I survived our two Thanksgivings, better than I thought I would, but man. Those little arrows of hurt were flying through the air everywhere! I had a sizeable alcohol shield  (my patronus is patron) but there were a few times I thought I might cry anyway. Have you ever noticed that a giant pregnant belly can be like the eyes in one of those creepy pictures, eyes that seem to follow you around the room? Yep, that's how Thanksgiving was. Everywhere I looked, that thing was staring me in the face, teasing and taunting me. Lest I end up kicking the belly to shut up the taunts (and in prison with the headlines screaming "Crazy barren infertile kicks pregnant belly 'to shut it up.'") , I spent both gatherings stealthily avoiding my SIL

And of course, Christmas is becoming an issue again already. And I am a whore.

(I guess that last line deserves a bit of explanation, no?)

Recap: we weren't going to Christmas. We stood our ground despite all of the guilt trips and everything else, and got hoodwinked into Thanksgiving. Now, my FIL is joining in the manipulation. He has told hubby that this Christmas will be different, and that we will be getting a very large gift, as will his brother, and he wants all of us there to open he gifts at the same time. 

It MUST be money, and probably a sizeable amount. BIL (the favorite child, the doctor who married a wife who gets pregnant and actually has grandbabies, not some clotty blobs destined for the toilet, and beyond, a waste treatment facility) recently graduated from medical school, is not making very much at the moment and has a wife who isn't working because she has a baby and another one on the way. I've been told about their money issues several times, in my MIL's weird attempts to get me to appreciate my own life. Of course, that only pisses me off more - they know we're certainly not wealthy, especially since we asked for a loan to pursue adoption and they turned us down. We need money too - not to support our family (we'll be fine there) but to create our family.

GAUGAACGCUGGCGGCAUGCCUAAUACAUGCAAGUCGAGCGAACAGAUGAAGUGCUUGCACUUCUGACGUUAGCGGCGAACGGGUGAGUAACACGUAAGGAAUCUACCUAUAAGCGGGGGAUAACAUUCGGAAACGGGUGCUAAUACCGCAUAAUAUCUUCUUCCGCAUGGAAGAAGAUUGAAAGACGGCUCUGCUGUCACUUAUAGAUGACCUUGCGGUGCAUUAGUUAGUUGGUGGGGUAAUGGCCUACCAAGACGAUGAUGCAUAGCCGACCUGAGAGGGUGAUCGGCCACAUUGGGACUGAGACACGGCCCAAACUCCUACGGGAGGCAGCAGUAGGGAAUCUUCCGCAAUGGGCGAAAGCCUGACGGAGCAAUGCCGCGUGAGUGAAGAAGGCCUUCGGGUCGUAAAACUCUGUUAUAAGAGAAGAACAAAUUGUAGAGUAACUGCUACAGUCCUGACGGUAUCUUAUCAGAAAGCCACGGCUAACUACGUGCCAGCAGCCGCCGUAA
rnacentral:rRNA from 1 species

Anyway, I suspect that now that BIL is having money problems the parents want to help him out but don't want to seem unfair to us. Uggh. It anoys the piss out of me. They wouldn't help us when we asked for a LOAN, and because BIL is in trouble they're just going to give it away.

And I am a dirty, dirty whore, because if it is money I want it at all costs, even if that means enduring another holiday with the pregnant belly staring at me and the rude comments other people make and the pregnancy and childbirth stories....... I'll deal with all of it because right now, our biggest stumbling block to further pursuing parenthood is money.

Therefore, I am a whore  :)

Thursday, November 25, 2010

drama drama, call your mama

We've been hoodwinked. I suppose you need a bit of backstory, so read on.

After my latest pregnancy FAIL, which occurred a few weeks after we learned that Hubby's SIL is expecting again (timing is everything, huh?) we told his parents that they shouldn't expect us around for Christmas. I knew that she would be a huge fat preggo at that point, and that, combined with all of my other loss and IF related holiday anxiety, multiplied by the in-laws' giddiness at having the whole family together - even the new grandchild to be - was just too much to bear. We told them several times that Christmas is hard for us, that our family will never feel whole and that this year we needed to spend it alone.